Law and Ethics in Street Photography

10/13/2019 ISO 1200 Magazine 1 Comments

Law and Ethics in Street Photography

In this video Sean Tucker interviews Nick Dunmur, who is a member of the legal team at the AOP (Association of Photographers) to talk about the laws surrounding street photography and photographing people in public.



Sean also offers some thoughts on putting together your own moral code for your work, because sometimes asking if you 'can' take a photograph isn't enough, you also need to ask yourself whether you 'should'.

You may also like: Street Photography with Film: Kodak Tri-X (feat. Mavis CW)

About Sean Tucker:

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London based Professional Photographer and Filmmaker. Unsurprisingly, I mostly post nerdy photography stuff.

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Text, image and video via Sean Tucker | Photography Workshop



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1 comments:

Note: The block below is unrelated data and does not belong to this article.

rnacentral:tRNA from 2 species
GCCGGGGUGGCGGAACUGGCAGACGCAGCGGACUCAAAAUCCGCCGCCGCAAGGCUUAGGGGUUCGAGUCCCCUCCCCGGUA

Hello An interesting and informative video thank you for making it. However I wonder about the expectation of privacy principle in the UK, given the famous Naomi Campbell case where she was filmed in a public place while leaving a Narcotics Anonymous meeting, and it was found that she did have the right to privacy despite being in public. I'm also bit concerned about ambiguity in what is and isn't commercial photography. I have been told in my work as a journalist to always err on the side of caution re release forms, written contracts. If an individual can be identified by people who know them if a photograph is published, there can be 'jigsaw identification', potentially giving that 'anonymous' subject legal rights over how the photo is used, and again, getting consent may well be required prior to publication. The photographing of children should for good order's sake be accompanied by getting a guardian's advance consent. Why leave anything open to unnecessary risk, and why risk antagonising a guardian- you do not know ehat that child's legal status or personal history might involve which could make that photo being a real problem for them. Arguably published street photography is photojournalism, and laws for using photographs in journalism are quite strict. Case law seems to change the picture very often; keeping up to date is a must.